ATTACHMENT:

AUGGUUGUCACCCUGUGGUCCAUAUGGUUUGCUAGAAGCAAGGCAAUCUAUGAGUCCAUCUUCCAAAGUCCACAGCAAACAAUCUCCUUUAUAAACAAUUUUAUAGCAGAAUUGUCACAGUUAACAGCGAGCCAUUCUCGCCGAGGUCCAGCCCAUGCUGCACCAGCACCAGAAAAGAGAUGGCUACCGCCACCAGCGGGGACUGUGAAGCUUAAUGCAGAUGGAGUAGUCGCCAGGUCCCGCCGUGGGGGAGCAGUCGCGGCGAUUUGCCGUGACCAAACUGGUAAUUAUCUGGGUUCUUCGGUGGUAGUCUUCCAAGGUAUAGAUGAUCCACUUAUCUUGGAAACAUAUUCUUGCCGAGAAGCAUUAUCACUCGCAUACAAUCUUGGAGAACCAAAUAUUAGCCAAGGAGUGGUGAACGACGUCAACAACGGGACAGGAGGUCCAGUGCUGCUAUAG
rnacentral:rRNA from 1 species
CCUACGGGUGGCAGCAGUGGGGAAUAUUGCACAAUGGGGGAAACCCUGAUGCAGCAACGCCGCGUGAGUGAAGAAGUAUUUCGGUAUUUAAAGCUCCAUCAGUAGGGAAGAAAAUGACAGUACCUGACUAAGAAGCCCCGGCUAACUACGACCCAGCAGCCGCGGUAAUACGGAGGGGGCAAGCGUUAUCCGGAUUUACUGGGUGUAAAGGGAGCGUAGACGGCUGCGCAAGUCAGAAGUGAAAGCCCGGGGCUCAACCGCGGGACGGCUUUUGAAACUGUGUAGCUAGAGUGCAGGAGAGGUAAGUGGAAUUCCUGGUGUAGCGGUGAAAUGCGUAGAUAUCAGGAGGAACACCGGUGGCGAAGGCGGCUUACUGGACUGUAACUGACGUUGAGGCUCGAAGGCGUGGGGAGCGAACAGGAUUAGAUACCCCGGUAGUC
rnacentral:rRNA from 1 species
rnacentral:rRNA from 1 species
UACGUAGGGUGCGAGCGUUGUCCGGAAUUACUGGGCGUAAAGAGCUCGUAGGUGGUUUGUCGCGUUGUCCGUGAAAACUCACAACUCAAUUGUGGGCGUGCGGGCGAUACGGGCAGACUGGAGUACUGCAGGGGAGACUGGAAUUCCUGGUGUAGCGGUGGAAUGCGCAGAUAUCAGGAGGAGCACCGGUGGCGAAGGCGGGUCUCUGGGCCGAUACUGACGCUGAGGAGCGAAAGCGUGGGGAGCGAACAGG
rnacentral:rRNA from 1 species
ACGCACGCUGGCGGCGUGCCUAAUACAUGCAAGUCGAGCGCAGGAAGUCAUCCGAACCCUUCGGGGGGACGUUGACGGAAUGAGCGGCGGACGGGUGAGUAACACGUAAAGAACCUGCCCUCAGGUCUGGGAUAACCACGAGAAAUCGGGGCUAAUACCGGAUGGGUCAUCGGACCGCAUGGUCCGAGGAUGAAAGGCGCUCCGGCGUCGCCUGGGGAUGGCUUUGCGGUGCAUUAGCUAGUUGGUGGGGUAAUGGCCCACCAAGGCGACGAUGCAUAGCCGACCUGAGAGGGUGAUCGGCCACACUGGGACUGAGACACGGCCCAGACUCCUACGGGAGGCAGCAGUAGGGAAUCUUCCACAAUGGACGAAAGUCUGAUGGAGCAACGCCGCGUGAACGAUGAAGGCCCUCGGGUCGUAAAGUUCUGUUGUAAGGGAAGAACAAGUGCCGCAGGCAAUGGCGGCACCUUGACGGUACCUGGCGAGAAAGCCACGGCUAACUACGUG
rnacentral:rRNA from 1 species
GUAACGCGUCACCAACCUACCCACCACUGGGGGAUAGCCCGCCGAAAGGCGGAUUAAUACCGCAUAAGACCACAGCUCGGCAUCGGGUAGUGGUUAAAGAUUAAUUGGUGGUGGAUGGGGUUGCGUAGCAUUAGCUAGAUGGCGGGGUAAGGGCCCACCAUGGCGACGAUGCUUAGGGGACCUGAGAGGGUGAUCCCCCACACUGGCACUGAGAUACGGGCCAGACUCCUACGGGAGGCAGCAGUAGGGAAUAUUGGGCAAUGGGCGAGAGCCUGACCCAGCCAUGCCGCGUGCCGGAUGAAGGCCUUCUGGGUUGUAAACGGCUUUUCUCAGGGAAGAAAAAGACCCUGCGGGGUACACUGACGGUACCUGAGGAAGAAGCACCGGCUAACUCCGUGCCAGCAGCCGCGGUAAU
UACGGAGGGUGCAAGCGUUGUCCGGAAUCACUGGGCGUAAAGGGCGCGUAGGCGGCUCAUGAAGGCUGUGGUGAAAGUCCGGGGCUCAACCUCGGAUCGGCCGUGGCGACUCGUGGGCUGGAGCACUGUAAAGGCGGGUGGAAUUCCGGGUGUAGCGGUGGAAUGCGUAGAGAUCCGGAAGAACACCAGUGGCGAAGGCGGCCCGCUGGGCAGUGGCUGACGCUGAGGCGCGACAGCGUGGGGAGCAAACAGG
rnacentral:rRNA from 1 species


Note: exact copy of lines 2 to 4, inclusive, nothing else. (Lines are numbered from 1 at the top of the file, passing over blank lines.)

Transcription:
rnacentral:rRNA from 1 species
CCUACGGGUGGCAGCAGUGGGGAAUAUUGCACAAUGGGGGAAACCCUGAUGCAGCAACGCCGCGUGAGUGAAGAAGUAUUUCGGUAUUUAAAGCUCCAUCAGUAGGGAAGAAAAUGACAGUACCUGACUAAGAAGCCCCGGCUAACUACGACCCAGCAGCCGCGGUAAUACGGAGGGGGCAAGCGUUAUCCGGAUUUACUGGGUGUAAAGGGAGCGUAGACGGCUGCGCAAGUCAGAAGUGAAAGCCCGGGGCUCAACCGCGGGACGGCUUUUGAAACUGUGUAGCUAGAGUGCAGGAGAGGUAAGUGGAAUUCCUGGUGUAGCGGUGAAAUGCGUAGAUAUCAGGAGGAACACCGGUGGCGAAGGCGGCUUACUGGACUGUAACUGACGUUGAGGCUCGAAGGCGUGGGGAGCGAACAGGAUUAGAUACCCCGGUAGUC
rnacentral:rRNA from 1 species